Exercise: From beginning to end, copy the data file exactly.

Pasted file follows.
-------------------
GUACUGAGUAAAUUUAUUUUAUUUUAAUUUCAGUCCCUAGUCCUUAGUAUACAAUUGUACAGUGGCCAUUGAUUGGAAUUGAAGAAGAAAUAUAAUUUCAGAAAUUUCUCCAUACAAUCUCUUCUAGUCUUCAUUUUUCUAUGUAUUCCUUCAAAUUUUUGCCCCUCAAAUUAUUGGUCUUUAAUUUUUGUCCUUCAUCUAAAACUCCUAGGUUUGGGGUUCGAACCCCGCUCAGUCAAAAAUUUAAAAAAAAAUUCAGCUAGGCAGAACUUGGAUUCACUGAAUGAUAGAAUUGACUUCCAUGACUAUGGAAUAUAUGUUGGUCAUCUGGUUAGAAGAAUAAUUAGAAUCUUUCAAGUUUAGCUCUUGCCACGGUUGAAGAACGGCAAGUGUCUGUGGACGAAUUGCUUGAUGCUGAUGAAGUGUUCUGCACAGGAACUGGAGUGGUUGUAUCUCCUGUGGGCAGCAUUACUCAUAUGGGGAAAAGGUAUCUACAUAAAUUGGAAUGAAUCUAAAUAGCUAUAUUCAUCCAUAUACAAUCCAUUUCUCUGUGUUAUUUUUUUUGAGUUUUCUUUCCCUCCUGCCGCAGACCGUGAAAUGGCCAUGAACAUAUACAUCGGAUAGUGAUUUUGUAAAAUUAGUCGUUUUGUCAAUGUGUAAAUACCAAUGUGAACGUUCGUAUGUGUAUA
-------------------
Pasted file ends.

GUACUGAGUAAAUUUAUUUUAUUUUAAUUUCAGUCCCUAGUCCUUAGUAUACAAUUGUACAGUGGCCAUUGAUUGGAAUUGAAGAAGAAAUAUAAUUUCAGAAAUUUCUCCAUACAAUCUCUUCUAGUCUUCAUUUUUCUAUGUAUUCCUUCAAAUUUUUGCCCCUCAAAUUAUUGGUCUUUAAUUUUUGUCCUUCAUCUAAAACUCCUAGGUUUGGGGUUCGAACCCCGCUCAGUCAAAAAUUUAAAAAAAAAUUCAGCUAGGCAGAACUUGGAUUCACUGAAUGAUAGAAUUGACUUCCAUGACUAUGGAAUAUAUGUUGGUCAUCUGGUUAGAAGAAUAAUUAGAAUCUUUCAAGUUUAGCUCUUGCCACGGUUGAAGAACGGCAAGUGUCUGUGGACGAAUUGCUUGAUGCUGAUGAAGUGUUCUGCACAGGAACUGGAGUGGUUGUAUCUCCUGUGGGCAGCAUUACUCAUAUGGGGAAAAGGUAUCUACAUAAAUUGGAAUGAAUCUAAAUAGCUAUAUUCAUCCAUAUACAAUCCAUUUCUCUGUGUUAUUUUUUUUGAGUUUUCUUUCCCUCCUGCCGCAGACCGUGAAAUGGCCAUGAACAUAUACAUCGGAUAGUGAUUUUGUAAAAUUAGUCGUUUUGUCAAUGUGUAAAUACCAAUGUGAACGUUCGUAUGUGUAUA